Monday, 1 August 2016

Behind the Scenes of a Publishing House - Self Publishing


Welcome to a good friend of mine, Bella Settarra. After getting a number of her books published via small publishers, she has gone down the route of self-pubbing a story.

Hi sweetie, so tell me about the story first

This is my first novella, “Ménage and Mascara”, which tells the story of a young girl who notices something suspicious while doing her cosmetics round (I’m sure we can all guess which company she works for, lol!). She reports it to the cops which lands her life in danger but also does wonders for her love-life ;)
(ooo! Exciting. JD)

Sounds fab. Why did you suddenly decide to self-publish this one?

I wrote the story to be part of a boxed set with a group of other authors but the project was postponed after I’d just got it all finished and edited. 
I didn’t think it likely that any of the publishers I work with would want a novella, as I always submit novels, and I knew that even if they did publish it, it would never go into print as it wouldn’t be cost-effective for them.

I spoke to some indie authors about the possibility and felt very encouraged to try to publish it myself. At the moment it is only available digitally, but I know that there is always an option for me to write more novellas and put them together in an anthology if I want to have it printed in the future.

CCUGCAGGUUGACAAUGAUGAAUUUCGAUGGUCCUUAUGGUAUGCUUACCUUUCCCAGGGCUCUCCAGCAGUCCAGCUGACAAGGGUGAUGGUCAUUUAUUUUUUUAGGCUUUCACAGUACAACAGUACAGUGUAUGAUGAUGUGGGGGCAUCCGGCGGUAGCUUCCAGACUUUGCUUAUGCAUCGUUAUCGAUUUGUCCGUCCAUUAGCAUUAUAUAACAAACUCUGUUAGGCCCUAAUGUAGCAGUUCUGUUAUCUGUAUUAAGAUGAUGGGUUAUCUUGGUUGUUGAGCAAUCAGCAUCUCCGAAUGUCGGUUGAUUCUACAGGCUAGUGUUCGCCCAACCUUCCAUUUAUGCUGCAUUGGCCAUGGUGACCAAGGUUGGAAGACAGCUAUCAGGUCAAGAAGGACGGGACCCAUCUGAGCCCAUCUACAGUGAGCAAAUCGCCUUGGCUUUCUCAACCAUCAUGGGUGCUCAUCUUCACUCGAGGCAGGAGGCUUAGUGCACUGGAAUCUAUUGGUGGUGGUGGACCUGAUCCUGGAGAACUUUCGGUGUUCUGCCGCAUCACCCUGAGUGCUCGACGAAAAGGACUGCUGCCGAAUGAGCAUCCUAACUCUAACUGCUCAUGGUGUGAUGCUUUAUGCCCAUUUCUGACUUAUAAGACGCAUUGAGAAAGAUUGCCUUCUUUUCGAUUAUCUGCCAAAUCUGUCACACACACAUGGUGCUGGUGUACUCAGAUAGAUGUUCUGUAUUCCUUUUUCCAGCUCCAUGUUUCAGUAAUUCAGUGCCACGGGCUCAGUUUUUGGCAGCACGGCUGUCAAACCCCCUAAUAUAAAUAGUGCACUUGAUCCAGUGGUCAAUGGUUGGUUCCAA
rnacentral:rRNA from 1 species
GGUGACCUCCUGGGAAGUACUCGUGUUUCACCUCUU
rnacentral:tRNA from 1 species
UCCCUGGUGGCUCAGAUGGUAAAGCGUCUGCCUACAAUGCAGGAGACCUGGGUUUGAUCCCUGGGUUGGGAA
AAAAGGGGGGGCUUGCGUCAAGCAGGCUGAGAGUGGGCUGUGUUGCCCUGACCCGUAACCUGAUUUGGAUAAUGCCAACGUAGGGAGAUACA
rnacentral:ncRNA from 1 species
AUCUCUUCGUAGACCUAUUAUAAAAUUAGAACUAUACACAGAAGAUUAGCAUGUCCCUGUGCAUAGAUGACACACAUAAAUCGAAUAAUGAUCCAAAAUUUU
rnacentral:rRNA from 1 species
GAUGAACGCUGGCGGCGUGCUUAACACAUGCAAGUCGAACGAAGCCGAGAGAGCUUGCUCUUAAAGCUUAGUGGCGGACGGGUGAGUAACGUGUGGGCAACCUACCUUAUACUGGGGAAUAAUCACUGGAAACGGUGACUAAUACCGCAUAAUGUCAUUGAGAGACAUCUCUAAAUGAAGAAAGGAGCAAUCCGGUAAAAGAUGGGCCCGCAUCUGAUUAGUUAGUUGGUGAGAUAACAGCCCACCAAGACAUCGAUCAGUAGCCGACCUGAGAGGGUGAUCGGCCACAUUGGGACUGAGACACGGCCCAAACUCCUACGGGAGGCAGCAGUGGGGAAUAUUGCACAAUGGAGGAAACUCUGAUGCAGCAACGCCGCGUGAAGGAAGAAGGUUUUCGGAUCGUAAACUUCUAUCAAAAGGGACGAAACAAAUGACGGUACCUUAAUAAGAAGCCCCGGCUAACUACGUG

I had already been intrigued by self-publishing and this seemed a good way of giving it a try for myself.

I have been wondering why you chose KU (Kindle Unlimited) rather than KDP (Kindle Direct Publishing). I tend to get confused between the two.

KU is part of KDP. By registering my book in the KU scheme, readers who subscribe to KU (i.e. they pay a monthly fee and can read as many books as they like as long as the books are registered in the scheme) have unlimited access to my book. I get paid depending on the number of pages read.

As part of KDP I can also sell my book on Amazon, so it increases the ways a reader can check out my story.

Are you selling it via any other retailer?

No, while the book is registered with KU it can only be made available through Amazon.

How did you go about getting a book cover, editor, etc? I presume that is quite an outlay to begin with before you get any profits back?

Yes, it is an outlay, but I look at it as investing in myself. I really wanted this book to be published and I wanted it to be the best it could be.
Although I have taken a proofreading and editing course myself, it is crucial, in my opinion, to always have a qualified editor check your work – after all, it is your reputation as an author which is at stake. A good friend of mine, Lucy Felthouse, owns a company called Writer Marketing Services, so I called on her to edit the story for me.

I trusted her because I have attended workshops which she has run at such events as Smut by the Sea  and I have also read some of her work (Lucy is an author as well as a businesswoman,